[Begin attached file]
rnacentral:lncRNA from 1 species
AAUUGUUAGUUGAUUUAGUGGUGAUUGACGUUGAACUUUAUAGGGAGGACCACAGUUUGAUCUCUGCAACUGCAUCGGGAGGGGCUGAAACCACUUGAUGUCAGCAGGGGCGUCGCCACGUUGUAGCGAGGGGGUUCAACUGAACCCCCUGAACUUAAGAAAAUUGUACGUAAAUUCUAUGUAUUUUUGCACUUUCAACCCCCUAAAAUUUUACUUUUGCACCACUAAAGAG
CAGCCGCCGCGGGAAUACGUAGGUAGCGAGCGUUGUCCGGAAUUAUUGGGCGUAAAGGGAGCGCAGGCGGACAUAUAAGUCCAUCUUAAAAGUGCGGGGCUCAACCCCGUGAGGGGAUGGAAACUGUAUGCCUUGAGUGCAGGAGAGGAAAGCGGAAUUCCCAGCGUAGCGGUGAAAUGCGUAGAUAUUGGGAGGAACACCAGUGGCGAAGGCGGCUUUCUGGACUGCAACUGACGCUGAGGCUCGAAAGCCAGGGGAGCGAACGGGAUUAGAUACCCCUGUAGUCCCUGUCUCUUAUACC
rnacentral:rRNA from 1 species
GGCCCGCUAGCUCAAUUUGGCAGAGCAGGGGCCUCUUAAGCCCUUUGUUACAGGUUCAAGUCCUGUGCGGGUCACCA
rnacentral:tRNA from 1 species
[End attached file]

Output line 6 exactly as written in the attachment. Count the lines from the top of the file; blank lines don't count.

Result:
rnacentral:tRNA from 1 species